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Anti-Corruption Group Wants Buhari To Probe Adoke Over $26 Million Bribe Allegation

Nigeria's Attorney General and Minister of Justice Mohammed Bello Adoke

The Coalition Against Corrupt Leaders (CACOL) has petitioned the Presidential Advisory Committee (PAC) on Anti-Corruption to begin investigation into the $26 million bribey allegation against former Attorney General and Minister of Justice, Mohammed Adoke in the Siemens, Halliburtion bribery scandal settlement deals.

CACOL, in the petition dated September 2, 2015 and addressed to the Chairman, PAC on Anti-Corruption, Prof. Itse Sagay, said the committee should as a matter of urgency and national interest investigate the allegations that the then Hon. Attorney General and Minister of Justice, Mr Mohammed Bello Adoke coordinated a bribery scheme that extorted about $26 million USD from about 10 multinational companies involved in the Siemens and Halliburton bribery scandals in the last quarter of 2010.

The petition signed by CACOL’s Executive Chairman, Comrade Debo Adeniran said this amount was believed to have been collected under the official cover of making the accused multinational companies pay the legal fees of prosecution counsels, even though the accused were never prosecuted in any court of the land to warrant such unethical secret levy.

“While the EFCC, ICPC and the then Attorney General have listed various sums of money totalling about $240 million as funds recovered in fines and penalties from these multinational companies, no one has dared mention the $26 million that was secretly extorted from these companies, and who the beneficiaries are,” it said.

CACOL said some of the multinational companies were alleged to have been forced to pay various sums as fines and bribes under the cover of paying for prosecution’s legal fees include Julius Berger, Snamprogetti, Halliburton, Technipp, Shell, Siemens, Saipem, Japanese Gas Corporation, Transocean and Noble Drill.

“While we have been able to get information that Julius Berger alone coughed out $26million USD in fines and another $3 million USD as bribe, we call upon your committee to investigate these cases as the ICPC and EFCC are the agencies that investigated these cases, and indeed filed charges against all the accused before they were withdrawn after some secret terms of settlement were forced on the multinational companies by the then Attorney General.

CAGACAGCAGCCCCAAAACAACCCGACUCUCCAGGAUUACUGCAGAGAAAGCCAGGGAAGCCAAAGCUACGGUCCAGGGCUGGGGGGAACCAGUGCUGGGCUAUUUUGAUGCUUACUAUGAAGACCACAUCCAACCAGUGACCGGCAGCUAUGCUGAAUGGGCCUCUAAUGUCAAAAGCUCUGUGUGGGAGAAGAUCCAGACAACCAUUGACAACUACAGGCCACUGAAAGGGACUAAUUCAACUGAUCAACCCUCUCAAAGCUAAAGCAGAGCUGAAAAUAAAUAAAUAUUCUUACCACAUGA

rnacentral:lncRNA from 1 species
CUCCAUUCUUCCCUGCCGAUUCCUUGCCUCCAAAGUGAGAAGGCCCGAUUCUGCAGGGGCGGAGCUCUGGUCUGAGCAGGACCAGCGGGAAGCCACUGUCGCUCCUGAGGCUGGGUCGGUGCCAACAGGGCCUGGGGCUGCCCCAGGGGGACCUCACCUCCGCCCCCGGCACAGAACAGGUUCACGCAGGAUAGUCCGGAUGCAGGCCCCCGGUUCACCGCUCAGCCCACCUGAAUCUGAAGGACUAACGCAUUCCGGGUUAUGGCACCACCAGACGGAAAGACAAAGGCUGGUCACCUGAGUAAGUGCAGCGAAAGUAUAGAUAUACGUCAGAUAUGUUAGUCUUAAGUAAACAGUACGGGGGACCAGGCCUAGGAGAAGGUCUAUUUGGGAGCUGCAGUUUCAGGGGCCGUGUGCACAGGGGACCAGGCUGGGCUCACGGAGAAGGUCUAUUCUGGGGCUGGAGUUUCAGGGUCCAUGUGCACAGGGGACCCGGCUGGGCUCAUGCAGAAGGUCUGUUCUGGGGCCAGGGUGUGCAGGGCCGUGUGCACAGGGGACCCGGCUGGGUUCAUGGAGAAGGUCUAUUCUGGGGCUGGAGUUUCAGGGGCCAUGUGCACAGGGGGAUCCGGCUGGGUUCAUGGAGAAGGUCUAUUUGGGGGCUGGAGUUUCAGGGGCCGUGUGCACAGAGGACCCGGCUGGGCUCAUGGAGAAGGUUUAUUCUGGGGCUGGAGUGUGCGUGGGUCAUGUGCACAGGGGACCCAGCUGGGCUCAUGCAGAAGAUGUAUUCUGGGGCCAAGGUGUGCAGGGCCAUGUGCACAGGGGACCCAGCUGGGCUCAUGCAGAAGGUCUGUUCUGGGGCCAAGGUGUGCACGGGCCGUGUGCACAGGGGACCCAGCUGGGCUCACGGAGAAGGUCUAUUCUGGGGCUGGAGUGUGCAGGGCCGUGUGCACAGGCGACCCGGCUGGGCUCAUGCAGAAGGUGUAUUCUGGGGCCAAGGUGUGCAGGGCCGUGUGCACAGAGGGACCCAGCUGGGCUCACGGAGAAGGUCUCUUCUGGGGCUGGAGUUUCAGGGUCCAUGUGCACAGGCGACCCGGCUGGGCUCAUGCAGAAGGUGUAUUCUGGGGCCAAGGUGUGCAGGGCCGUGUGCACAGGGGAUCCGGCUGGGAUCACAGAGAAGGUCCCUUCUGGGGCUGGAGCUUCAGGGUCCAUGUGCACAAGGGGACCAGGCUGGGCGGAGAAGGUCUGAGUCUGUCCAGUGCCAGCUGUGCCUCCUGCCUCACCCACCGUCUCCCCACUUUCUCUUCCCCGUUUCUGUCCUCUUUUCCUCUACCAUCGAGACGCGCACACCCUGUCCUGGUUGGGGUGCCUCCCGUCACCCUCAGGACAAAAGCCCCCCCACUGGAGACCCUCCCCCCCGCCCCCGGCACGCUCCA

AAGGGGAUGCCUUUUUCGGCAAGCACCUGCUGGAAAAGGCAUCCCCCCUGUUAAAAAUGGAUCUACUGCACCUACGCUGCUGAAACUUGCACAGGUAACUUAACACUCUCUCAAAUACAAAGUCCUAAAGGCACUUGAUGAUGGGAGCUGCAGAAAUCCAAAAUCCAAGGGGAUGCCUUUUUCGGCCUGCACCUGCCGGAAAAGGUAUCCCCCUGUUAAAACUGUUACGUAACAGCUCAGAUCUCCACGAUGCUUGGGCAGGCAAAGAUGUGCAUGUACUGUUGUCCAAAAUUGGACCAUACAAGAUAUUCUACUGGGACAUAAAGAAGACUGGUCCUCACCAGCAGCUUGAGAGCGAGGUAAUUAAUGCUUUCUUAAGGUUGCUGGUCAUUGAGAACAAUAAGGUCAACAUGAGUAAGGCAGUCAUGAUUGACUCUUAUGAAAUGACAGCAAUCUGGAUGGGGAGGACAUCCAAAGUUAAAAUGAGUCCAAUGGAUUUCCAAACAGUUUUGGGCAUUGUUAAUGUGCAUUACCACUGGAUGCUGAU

As a matter of urgency, we urge your committee to investigate how much each of the accused paid as “legal fees”, and how these monies were shared. We also request you to establish through your investigation whether it is the practice for the accused in criminal cases to bear the cost of their own prosecution even though in these cases, no prosecution took place,” it added.

 CACOL the committee to also file appropriate charges against anyone found to have abused his office in this matter at the end of investigation.

  It should be noted that on November 22, 2010, Siemens reportedly reached a settlement agreement with the federal government under which Siemens will pay 7 billion Nigerian Naira (approx. $46.5million) to the Nigerian Government, in exchange, for the EFCC dropping charges against Siemens AG, Siemens Nig Ltd and four of its officers.  The settlement payment was variously described as “restitution” and “disgorgement”.

 In connection with the TSKJ / Bonny Island bribery matter, on November 25, 2010, it was reported that the EFCC arrested ten Halliburton employees in Nigeria during a raid of the offices of Halliburton Energy Services Nigeria Limited in Lagos, as well as one employee each from Saipem Contracting Nigeria and Technip Offshore Nigeria.

On December 7, 2010, the EFCC reportedly filed corruption charges against Halliburton, former U.S. Vice President Dick Cheney (who was the CEO of Halliburton during the period at issue), Albert Stanley (former CEO of KBR), David Lesar (current CEO of Halliburton) and William Utt (current CEO of KBR).  Technip, Snamprogetti and JGC Corporation were reportedly also charged on the same day.

The case reference was Federal Republic of Nigeria v. Halliburton and others, CV/435/10, High Court of Justice, Abuja Judicial Division (Abuja).


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